The walk from Appledore to Bideford continues along a minor road that winds through an industrial area. Through gateways, I see wastelands of wharves, containers, shacks, cabins, skips. Sometimes I even get a glimpse of the water beyond.
I keep checking my map. Surely I must have missed the South West Coast Path. Am I really supposed to walk on this boring road through this industrial area?
Suddenly I see a foot-path sign, pointing to the left, almost overgrown with ivy. What a relief!
I am hungry and cross with myself for not stopping for lunch in Appledore. But I cheer up as I follow the footpath through countryside, across fields, down a track, and through a section of woodland.
The path loops around and I soon find myself back on the shore again. No longer seaside, I am walking up the estuary of the River Torridge. Ahead I see a collection of rusting boats.
None of them look as if they can float, although one looks like it might be in use, possibly as a houseboat. I don’t like to stare for too long in case it is occupied, but I take a quick photograph.
After following the river for a short distance, the footpath heads up a slope and I walk along a tree-lined route, lined with bluebells.
I meet other walkers, including an older couple with a young boy, who I assume is probably their grandson.
“How far is this stupid walk?” says the boy.
The couple grin at me, looking slightly embarrassed.
“He can play football for hours, but finds walking exhausting,” the man says, with a shrug.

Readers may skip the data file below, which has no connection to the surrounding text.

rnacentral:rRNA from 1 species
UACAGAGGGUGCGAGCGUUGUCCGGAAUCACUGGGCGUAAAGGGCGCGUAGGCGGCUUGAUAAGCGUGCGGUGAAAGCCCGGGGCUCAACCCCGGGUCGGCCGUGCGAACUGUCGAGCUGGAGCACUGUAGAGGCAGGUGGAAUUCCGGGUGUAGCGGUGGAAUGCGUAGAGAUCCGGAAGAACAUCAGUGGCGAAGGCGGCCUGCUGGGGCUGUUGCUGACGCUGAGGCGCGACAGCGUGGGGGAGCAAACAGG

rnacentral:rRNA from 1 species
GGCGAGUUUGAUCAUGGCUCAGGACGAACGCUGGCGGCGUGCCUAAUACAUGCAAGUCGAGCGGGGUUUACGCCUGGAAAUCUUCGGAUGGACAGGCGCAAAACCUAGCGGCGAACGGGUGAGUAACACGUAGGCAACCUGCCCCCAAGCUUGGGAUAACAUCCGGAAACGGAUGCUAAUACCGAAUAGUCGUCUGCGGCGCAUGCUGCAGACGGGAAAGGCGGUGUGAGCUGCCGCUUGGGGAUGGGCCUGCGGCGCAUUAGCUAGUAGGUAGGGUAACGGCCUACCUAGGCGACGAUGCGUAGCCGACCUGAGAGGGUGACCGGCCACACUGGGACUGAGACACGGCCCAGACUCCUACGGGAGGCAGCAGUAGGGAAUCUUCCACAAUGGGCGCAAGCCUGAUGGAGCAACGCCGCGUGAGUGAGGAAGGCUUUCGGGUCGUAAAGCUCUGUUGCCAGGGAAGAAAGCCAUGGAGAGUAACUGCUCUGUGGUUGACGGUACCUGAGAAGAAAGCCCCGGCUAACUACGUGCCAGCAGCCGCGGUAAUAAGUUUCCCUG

But I sympathise with the lad, and remember the way as I used to feel when my mother would drag us out for yet another boring walk as kids. There is a big difference between finding your own pace and rhythm, and being forced to march to someone else’s beat.
After stopping on a bench for a quick snack, I come down out of the trees and am walking by the river again. The tall bridge ahead is a modern road-bridge, taking the A39 over the river.
I see a family walking along the bank, dwarfed by the massive size of the concrete pillars. We don’t properly notice these things when we are travelling in our cars, but from down here, the magnificent scale of the structure is revealed.
Just beyond the bridge, the path turns around the back of a few houses and becomes an alleyway, leading to a road.
A moment later, and I am walking down residential streets in a very ordinary-looking new housing estate.
A sign tells me to follow the footsteps. It takes me a while to spot them. What a good idea and a clever design that incorporates a walking boot print and the acorn marker.
I am on the outskirts of Bideford and soon the path turns back towards the river bank. I pass a skateboard park and start down a long walkway running along the quay.
Bideford does not give the impression of being an active harbour, although there are a few boats tied up. One is being used as a café. This one – black and aubergine – looks a bit more nautical. Maybe even ex-military. I wonder what it is being used for.
There are buildings and bushes to my right and the occasional bench. But these seats are taken up by young men drinking cans of something – either lager or cider. They are dressed in shabby clothes and have tatty rucksacks hanging off skinny shoulders. Are they homeless or just scruffy? Is this their home town, or have they come down to Bideford for a ‘holiday’?